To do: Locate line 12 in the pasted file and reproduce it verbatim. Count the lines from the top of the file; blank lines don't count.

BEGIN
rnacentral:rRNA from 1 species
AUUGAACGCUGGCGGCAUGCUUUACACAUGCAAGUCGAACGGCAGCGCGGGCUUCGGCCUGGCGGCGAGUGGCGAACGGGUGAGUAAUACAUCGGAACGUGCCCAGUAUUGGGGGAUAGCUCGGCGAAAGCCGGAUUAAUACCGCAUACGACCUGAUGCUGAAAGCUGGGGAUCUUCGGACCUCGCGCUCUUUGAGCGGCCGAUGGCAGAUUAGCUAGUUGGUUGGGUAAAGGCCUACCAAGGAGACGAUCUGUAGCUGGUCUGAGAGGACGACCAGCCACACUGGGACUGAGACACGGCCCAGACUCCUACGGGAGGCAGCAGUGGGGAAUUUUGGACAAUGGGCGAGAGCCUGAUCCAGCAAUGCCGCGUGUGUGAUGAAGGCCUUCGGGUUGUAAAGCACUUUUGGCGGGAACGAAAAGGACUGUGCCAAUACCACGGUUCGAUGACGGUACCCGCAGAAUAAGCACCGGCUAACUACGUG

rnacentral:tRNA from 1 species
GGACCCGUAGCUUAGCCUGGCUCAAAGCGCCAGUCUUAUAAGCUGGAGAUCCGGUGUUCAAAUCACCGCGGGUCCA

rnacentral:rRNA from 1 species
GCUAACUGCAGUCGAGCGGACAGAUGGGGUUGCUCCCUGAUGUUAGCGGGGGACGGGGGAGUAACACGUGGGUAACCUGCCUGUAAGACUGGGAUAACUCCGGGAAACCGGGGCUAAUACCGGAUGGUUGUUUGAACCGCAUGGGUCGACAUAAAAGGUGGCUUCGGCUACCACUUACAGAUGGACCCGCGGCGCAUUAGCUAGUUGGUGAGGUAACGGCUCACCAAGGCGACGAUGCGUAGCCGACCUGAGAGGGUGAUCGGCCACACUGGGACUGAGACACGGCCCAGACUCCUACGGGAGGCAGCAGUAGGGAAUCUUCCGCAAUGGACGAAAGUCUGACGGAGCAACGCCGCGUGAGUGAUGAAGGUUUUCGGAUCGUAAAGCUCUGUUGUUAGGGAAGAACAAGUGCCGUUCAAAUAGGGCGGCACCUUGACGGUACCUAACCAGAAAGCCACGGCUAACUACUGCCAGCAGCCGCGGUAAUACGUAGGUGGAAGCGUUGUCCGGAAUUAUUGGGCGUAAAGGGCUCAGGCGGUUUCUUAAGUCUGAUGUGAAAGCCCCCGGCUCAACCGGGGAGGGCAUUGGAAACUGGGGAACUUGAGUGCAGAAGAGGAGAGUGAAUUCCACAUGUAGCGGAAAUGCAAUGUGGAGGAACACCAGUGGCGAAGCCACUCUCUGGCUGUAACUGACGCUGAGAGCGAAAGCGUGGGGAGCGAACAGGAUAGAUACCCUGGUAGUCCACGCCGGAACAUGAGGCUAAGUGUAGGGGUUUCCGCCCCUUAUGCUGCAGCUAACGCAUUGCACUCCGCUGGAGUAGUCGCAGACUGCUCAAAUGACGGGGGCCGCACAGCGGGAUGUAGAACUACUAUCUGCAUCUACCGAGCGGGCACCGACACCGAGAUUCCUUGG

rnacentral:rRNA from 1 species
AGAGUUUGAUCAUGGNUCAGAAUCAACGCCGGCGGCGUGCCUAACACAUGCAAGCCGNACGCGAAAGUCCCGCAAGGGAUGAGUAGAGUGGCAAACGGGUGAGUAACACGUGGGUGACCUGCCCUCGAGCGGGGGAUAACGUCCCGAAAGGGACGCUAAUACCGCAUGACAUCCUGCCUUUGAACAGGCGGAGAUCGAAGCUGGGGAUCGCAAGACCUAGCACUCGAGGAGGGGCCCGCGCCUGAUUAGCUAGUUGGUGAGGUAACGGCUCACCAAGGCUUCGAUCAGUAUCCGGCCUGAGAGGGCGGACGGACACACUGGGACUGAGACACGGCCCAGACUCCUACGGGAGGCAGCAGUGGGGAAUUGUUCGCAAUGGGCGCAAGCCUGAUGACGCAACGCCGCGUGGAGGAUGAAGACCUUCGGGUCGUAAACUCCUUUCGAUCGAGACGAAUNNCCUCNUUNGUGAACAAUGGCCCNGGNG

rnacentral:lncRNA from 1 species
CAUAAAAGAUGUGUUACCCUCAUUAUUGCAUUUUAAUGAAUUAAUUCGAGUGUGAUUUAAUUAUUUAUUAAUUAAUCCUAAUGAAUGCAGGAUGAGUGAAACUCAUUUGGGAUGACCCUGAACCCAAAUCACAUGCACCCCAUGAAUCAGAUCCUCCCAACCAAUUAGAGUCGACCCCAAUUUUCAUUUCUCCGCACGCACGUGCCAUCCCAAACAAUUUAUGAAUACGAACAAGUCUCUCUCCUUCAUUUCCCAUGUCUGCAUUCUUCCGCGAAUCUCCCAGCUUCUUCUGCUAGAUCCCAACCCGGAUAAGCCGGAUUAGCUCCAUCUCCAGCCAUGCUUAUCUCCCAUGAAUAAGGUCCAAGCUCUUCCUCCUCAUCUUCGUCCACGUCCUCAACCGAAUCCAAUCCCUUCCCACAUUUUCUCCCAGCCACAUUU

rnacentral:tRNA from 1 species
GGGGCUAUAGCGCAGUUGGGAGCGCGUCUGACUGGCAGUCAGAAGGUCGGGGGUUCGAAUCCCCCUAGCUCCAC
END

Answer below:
GGGGCUAUAGCGCAGUUGGGAGCGCGUCUGACUGGCAGUCAGAAGGUCGGGGGUUCGAAUCCCCCUAGCUCCAC